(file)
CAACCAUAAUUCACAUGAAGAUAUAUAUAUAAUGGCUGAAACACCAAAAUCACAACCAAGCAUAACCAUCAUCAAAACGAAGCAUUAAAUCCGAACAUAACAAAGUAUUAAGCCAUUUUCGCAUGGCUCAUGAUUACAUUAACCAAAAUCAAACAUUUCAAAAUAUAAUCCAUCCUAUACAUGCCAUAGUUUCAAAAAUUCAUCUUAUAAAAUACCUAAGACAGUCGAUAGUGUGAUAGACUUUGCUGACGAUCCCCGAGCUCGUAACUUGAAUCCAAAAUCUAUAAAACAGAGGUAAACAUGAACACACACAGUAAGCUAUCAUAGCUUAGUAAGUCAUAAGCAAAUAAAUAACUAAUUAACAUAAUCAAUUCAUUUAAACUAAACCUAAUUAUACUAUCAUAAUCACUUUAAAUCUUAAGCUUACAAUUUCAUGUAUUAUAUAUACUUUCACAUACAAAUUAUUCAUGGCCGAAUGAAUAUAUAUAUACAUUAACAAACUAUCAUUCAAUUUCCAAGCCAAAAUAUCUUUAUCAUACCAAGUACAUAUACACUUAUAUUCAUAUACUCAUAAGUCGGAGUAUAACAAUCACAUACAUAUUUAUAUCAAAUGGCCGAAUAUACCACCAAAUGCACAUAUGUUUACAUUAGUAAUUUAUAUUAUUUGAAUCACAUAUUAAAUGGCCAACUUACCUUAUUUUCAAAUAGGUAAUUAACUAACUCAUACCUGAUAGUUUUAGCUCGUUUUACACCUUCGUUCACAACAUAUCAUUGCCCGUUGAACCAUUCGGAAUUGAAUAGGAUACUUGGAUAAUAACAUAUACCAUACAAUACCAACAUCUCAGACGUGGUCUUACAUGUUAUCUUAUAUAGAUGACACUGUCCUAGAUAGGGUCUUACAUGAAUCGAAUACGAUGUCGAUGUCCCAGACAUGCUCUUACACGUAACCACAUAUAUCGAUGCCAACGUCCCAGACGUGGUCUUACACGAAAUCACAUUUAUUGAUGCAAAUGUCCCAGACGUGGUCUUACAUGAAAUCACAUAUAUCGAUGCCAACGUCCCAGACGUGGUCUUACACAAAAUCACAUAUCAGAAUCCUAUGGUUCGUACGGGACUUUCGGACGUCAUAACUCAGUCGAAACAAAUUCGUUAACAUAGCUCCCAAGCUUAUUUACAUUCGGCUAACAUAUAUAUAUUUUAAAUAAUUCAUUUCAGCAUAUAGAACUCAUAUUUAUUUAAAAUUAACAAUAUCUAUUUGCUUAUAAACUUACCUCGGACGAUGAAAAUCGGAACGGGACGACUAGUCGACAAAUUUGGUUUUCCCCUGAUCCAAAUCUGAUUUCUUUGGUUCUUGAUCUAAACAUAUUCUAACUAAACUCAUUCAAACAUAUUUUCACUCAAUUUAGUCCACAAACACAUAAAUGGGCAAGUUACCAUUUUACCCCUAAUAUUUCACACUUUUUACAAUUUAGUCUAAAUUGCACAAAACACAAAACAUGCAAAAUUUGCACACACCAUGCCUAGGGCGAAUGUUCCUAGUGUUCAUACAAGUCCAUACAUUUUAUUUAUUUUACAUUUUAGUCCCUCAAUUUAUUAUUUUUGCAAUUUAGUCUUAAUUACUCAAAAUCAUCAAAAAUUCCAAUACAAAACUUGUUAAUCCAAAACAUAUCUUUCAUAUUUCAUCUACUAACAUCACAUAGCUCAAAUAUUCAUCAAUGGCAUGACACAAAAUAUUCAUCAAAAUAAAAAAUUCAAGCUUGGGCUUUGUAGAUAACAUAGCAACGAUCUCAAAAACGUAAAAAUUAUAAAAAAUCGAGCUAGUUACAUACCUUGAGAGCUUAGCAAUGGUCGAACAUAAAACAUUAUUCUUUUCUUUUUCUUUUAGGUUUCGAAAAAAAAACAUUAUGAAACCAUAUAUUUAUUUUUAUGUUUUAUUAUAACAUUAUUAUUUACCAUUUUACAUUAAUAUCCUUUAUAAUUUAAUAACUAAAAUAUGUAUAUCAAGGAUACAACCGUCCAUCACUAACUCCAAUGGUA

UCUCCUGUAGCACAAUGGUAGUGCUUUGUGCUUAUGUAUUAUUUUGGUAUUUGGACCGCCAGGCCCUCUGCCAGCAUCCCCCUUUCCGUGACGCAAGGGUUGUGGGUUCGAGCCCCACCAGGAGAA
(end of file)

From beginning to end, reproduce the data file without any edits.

CAACCAUAAUUCACAUGAAGAUAUAUAUAUAAUGGCUGAAACACCAAAAUCACAACCAAGCAUAACCAUCAUCAAAACGAAGCAUUAAAUCCGAACAUAACAAAGUAUUAAGCCAUUUUCGCAUGGCUCAUGAUUACAUUAACCAAAAUCAAACAUUUCAAAAUAUAAUCCAUCCUAUACAUGCCAUAGUUUCAAAAAUUCAUCUUAUAAAAUACCUAAGACAGUCGAUAGUGUGAUAGACUUUGCUGACGAUCCCCGAGCUCGUAACUUGAAUCCAAAAUCUAUAAAACAGAGGUAAACAUGAACACACACAGUAAGCUAUCAUAGCUUAGUAAGUCAUAAGCAAAUAAAUAACUAAUUAACAUAAUCAAUUCAUUUAAACUAAACCUAAUUAUACUAUCAUAAUCACUUUAAAUCUUAAGCUUACAAUUUCAUGUAUUAUAUAUACUUUCACAUACAAAUUAUUCAUGGCCGAAUGAAUAUAUAUAUACAUUAACAAACUAUCAUUCAAUUUCCAAGCCAAAAUAUCUUUAUCAUACCAAGUACAUAUACACUUAUAUUCAUAUACUCAUAAGUCGGAGUAUAACAAUCACAUACAUAUUUAUAUCAAAUGGCCGAAUAUACCACCAAAUGCACAUAUGUUUACAUUAGUAAUUUAUAUUAUUUGAAUCACAUAUUAAAUGGCCAACUUACCUUAUUUUCAAAUAGGUAAUUAACUAACUCAUACCUGAUAGUUUUAGCUCGUUUUACACCUUCGUUCACAACAUAUCAUUGCCCGUUGAACCAUUCGGAAUUGAAUAGGAUACUUGGAUAAUAACAUAUACCAUACAAUACCAACAUCUCAGACGUGGUCUUACAUGUUAUCUUAUAUAGAUGACACUGUCCUAGAUAGGGUCUUACAUGAAUCGAAUACGAUGUCGAUGUCCCAGACAUGCUCUUACACGUAACCACAUAUAUCGAUGCCAACGUCCCAGACGUGGUCUUACACGAAAUCACAUUUAUUGAUGCAAAUGUCCCAGACGUGGUCUUACAUGAAAUCACAUAUAUCGAUGCCAACGUCCCAGACGUGGUCUUACACAAAAUCACAUAUCAGAAUCCUAUGGUUCGUACGGGACUUUCGGACGUCAUAACUCAGUCGAAACAAAUUCGUUAACAUAGCUCCCAAGCUUAUUUACAUUCGGCUAACAUAUAUAUAUUUUAAAUAAUUCAUUUCAGCAUAUAGAACUCAUAUUUAUUUAAAAUUAACAAUAUCUAUUUGCUUAUAAACUUACCUCGGACGAUGAAAAUCGGAACGGGACGACUAGUCGACAAAUUUGGUUUUCCCCUGAUCCAAAUCUGAUUUCUUUGGUUCUUGAUCUAAACAUAUUCUAACUAAACUCAUUCAAACAUAUUUUCACUCAAUUUAGUCCACAAACACAUAAAUGGGCAAGUUACCAUUUUACCCCUAAUAUUUCACACUUUUUACAAUUUAGUCUAAAUUGCACAAAACACAAAACAUGCAAAAUUUGCACACACCAUGCCUAGGGCGAAUGUUCCUAGUGUUCAUACAAGUCCAUACAUUUUAUUUAUUUUACAUUUUAGUCCCUCAAUUUAUUAUUUUUGCAAUUUAGUCUUAAUUACUCAAAAUCAUCAAAAAUUCCAAUACAAAACUUGUUAAUCCAAAACAUAUCUUUCAUAUUUCAUCUACUAACAUCACAUAGCUCAAAUAUUCAUCAAUGGCAUGACACAAAAUAUUCAUCAAAAUAAAAAAUUCAAGCUUGGGCUUUGUAGAUAACAUAGCAACGAUCUCAAAAACGUAAAAAUUAUAAAAAAUCGAGCUAGUUACAUACCUUGAGAGCUUAGCAAUGGUCGAACAUAAAACAUUAUUCUUUUCUUUUUCUUUUAGGUUUCGAAAAAAAAACAUUAUGAAACCAUAUAUUUAUUUUUAUGUUUUAUUAUAACAUUAUUAUUUACCAUUUUACAUUAAUAUCCUUUAUAAUUUAAUAACUAAAAUAUGUAUAUCAAGGAUACAACCGUCCAUCACUAACUCCAAUGGUA

UCUCCUGUAGCACAAUGGUAGUGCUUUGUGCUUAUGUAUUAUUUUGGUAUUUGGACCGCCAGGCCCUCUGCCAGCAUCCCCCUUUCCGUGACGCAAGGGUUGUGGGUUCGAGCCCCACCAGGAGAA